Shanghai issues China’s first permits allowing passengers in self-driving cars
Sep 17, 2019
Self-driving cars may soon to be a reality in Shanghai. Chinese automaker SAIC along with BMW and Didi Chuxing were the first in China to win approval from regulators to offer robotaxi pilot services in the northwestern Jiading district of the city, a major milestone for Chinese players in the global autonomous driving race.
Why it matters: Shanghai issued China’s first licenses on autonomous vehicle (AV) tests to SAIC and EV maker Nio in March 2018, and is accelerating toward making self-driving vehicle deployment a reality, as other Chinese cities race to catch up.
- Baidu’s AV project in Changsha, the capital of central Hunan province, is on track to introduce 100 driverless taxis in the city by year-end. Guangzhou courted Pony.ai by allowing the company to transport its employees and a pool of volunteers in driverless vehicles in the city’s Nansha district beginning in December.
- The move comes just days after ride-hailing firm Didi Chuxing and AV startup AutoX unveiled plans to operate robotaxi services in the suburban area as early as the end of the year.
Details: SAIC, Didi Chuxing, and BMW scored China’s first permits from Shanghai regulators to be included in the city’s autonomous vehicle passenger service pilot program at this year’s World Autonomous Vehicle Ecosystem Conference (WAVE) on Monday.
- Companies with the licenses are permitted run up to 50 vehicles in the first round of applications and can potentially expand their fleets after six months without incident.
- With this round of licenses, self-driving cars are allowed to transport qualified passengers, or “volunteers,” as well as goods for delivery. Prior to this, only company employees involved in testing the vehicles were allowed to ride.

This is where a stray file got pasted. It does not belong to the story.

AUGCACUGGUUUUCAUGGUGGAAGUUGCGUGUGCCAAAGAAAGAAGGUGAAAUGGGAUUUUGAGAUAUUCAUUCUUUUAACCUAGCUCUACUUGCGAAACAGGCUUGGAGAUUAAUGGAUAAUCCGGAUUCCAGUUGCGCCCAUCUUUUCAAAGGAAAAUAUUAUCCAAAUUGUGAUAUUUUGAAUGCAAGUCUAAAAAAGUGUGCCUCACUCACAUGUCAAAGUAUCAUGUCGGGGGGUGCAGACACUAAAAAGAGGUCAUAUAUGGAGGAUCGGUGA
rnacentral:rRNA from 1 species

- Members of the public are allowed to volunteer for test rides. They are required to be in good health between the ages of 18 and 70. Service providers are required to offer insurance to passengers, according to a regulation released last week by the district government.
- Didi told TechNode on Tuesday that passengers in the area will be able to hail rides on a fleet of around 30 robotaxis via its app, a feature that Didi CTO Zhang Bo said earlier this year in a media interview “will soon be rolled out.”
- To date, self-driving cars are only allowed to run along 53.6 kilometers of roads in a designated area 65 square kilometers in size, around one-sixth the size of Jiading district.
- The test library has been scaled nearly five-fold to 1,580 scenarios including navigating in industrial zones, business centers, residential areas, and subway stations.
- A driver is required to be on board in order to take over as needed, and fees are not allowed at this point.
- Shanghai also formed an alliance with eastern Jiangsu, Zhejiang, and Anhui provinces to issue China’s first regional permits for vehicle tests to Zhejiang-based automaker Geely and AV startup AllRide.ai, which is headquartered in the Nanjing Municipality, the government said at the event.
- The move is expected to reduce the amount of red tape and save on costs for industry players, and therefore boost regional economic development, an official from the Shanghai Municipal Commission of Economy and Informatization said at the conference.
Context: Shanghai has the largest automobile manufacturing output in China, grossing RMB 683.2 billion ($96.7 billion) last year.
- Guangzhou ranked second with output worth RMB 548.9 billion, totaling 2.97 million cars produced in 2018. The southern Chinese city is looking to ramp up auto production to 5 million units by 2025.
- Jiading district, Shanghai’s automotive hub, aims to grow its annual output to RMB 1.2 trillion by 2025 and increase its influence in the global automotive industry, said Lu Fangzhou, Jiading’s district mayor at the WAVE event. Jiading is home to Chinese largest automaker SAIC and its joint venture with Volkswagen, as well as Volvo’s China headquarters, and Chinese EV maker Nio.
This article was updated to include comments from Didi Chuxing about its app.